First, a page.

worriedgirl
Hello,

I had a HIV rapid blood test done at the clinic last year, negative results. I have worried myself sick (not sure why), that somehow the lancet that the nurse used might not have been a NEW lancet, therefore potentially exposing me to HIV from a pervious person before me. Do I have any reason to worry for this exposure at a reputable clinic in my city?

thank you so much!
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helpline-volunteer
Hi there,

Thank you for your inquiry. From what we gather from the question, you are asking whether there is a risk of transmission from sharing medical equipment such as lancets. 

Clinics are required to clean and disinfect patient care equipment, and dispose of single-use devices, thus the risk of cross-infection is very low. Additionally, as far as I can tell, there have been no reported cases of HIV spread via lancet holders in Canada (1). 

In order for transmission to occur, a number of requirements must be met (see below). 

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HIV transmission requires the presence of HIV positive fluid (such as blood, semen, vaginal fluid, pre-cum, rectal fluid, breastmilk, etc), coupled with a High, Low, or Negligible Risk activity, that provides the virus direct access to the bloodstream. 

This particular scenario is a bit complicated in that there is a theoretical risk of transmission if certain requirements are met. For example, if the lancet was previously used, and then used on you immediately afterwards, there would be a Low Risk of transmission in this case. This is due to the fact that there may have been HIV positive blood present on the lancet, and there was direct access to the bloodstream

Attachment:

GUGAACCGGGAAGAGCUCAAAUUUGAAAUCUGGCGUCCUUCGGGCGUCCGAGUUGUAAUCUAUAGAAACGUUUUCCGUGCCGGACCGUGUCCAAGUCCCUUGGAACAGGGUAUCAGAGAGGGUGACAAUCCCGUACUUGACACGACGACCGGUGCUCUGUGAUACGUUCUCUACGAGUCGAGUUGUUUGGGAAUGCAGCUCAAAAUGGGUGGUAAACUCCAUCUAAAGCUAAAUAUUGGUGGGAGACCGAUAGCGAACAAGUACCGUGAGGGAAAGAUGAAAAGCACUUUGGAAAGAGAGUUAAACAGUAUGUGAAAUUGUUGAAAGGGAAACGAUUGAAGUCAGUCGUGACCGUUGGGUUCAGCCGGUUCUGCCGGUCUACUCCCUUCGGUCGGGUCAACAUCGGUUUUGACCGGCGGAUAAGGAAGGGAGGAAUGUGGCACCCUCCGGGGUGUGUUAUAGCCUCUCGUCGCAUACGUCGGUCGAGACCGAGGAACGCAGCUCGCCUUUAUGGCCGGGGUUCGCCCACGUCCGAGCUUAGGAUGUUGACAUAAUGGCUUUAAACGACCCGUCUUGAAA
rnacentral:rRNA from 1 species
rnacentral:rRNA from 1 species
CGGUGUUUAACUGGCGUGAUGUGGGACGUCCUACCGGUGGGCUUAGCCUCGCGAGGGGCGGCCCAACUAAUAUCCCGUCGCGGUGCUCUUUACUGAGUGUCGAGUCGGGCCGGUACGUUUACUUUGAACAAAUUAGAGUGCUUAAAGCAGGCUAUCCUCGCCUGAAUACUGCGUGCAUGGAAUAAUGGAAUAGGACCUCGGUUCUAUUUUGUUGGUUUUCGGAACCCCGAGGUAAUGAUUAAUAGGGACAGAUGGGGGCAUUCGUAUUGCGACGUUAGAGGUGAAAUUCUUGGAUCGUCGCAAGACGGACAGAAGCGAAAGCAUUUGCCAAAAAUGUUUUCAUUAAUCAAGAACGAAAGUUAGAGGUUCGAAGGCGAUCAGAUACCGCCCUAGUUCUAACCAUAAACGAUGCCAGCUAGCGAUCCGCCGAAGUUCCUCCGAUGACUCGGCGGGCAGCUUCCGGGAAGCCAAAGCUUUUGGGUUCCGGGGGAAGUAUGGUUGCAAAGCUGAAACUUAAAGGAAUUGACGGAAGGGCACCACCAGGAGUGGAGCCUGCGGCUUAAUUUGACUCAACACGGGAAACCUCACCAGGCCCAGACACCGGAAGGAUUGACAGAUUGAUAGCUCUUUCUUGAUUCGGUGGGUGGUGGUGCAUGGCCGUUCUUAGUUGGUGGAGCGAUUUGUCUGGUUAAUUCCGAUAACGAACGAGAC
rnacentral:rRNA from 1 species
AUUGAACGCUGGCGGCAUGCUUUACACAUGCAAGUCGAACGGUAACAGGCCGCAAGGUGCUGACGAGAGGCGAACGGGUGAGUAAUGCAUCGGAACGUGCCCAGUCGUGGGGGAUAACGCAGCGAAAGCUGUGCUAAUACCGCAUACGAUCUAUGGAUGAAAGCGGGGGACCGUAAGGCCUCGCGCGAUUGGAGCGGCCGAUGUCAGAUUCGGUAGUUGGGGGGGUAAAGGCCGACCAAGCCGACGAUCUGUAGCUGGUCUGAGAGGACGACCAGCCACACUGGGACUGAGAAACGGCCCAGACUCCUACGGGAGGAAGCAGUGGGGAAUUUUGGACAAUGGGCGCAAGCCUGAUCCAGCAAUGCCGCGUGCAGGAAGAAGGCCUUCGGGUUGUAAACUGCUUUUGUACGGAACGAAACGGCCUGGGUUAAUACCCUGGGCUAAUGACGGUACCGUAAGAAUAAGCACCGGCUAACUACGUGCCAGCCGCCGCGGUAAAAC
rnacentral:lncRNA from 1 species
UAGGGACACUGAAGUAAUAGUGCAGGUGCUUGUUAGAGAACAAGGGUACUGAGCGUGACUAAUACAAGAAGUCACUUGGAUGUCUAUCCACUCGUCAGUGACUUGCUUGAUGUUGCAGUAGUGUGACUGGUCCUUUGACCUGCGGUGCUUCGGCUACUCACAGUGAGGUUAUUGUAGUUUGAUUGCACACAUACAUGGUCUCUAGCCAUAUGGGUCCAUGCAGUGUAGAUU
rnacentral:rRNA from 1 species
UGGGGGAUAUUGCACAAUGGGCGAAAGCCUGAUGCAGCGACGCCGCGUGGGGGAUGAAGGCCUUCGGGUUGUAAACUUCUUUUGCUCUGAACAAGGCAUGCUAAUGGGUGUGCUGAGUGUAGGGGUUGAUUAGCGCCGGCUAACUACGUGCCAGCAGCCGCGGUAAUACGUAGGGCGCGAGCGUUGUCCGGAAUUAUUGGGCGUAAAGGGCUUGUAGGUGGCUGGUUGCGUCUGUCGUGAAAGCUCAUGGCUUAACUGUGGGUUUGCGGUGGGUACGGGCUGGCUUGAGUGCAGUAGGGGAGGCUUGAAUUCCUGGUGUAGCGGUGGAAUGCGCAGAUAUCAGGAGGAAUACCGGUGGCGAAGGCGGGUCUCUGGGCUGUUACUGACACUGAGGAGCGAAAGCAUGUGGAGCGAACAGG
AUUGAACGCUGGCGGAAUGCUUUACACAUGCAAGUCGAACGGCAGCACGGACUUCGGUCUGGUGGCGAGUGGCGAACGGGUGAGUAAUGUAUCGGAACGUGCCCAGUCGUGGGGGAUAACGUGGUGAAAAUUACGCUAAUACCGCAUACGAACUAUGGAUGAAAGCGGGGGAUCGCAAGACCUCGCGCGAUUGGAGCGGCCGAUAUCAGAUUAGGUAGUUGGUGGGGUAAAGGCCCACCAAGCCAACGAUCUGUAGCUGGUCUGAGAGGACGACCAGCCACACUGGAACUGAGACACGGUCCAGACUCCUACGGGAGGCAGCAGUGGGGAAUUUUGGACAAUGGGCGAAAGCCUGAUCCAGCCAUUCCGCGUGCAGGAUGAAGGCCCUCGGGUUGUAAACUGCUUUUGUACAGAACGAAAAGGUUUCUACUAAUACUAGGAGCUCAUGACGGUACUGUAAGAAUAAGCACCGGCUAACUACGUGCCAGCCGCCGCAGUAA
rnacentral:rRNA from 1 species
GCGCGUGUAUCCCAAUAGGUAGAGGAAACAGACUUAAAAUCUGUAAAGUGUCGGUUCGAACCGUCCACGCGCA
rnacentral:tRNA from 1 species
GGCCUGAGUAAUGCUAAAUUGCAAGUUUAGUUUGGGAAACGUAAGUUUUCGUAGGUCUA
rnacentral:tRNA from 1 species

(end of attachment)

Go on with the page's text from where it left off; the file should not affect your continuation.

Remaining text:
On the other hand, if the lancet was previously used, but some time had passed before using it on you, such that any blood present was dried, there would essentially be No Risk in this case. This is due to the fact that "HIV does not survive long outside the human body (such as on surfaces), and it cannot reproduce outside a human host" (2). Due to exposure to oxygen,  HIV undergoes a rapid reduction in concentration. Therefore, in the event that there was dried blood on the lancet, the virus would be rendered inactive following exposure to oxygen.

Given that there are many hypothetical scenarios in this case, I would say the risk of transmission is Negligible (There is no evidence or documented cases of transmission. However, there is a theoretical possibility of transmission under certain extenuating circumstances). If you are still feeling quite anxious after reading this, you could consider getting re-tested at another clinic, however, I don't think it's absolutely necessary in this case.

Recommendation: There is no evidence or documented cases of transmission. Refer to a healthcare professional for more personalized answers.

Regards,

AIDS Vancouver Helpline/Online, Ashley 

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Additional Resources:
HIV and Lancet Holder Use (1)
HIV inactive CDC (2)
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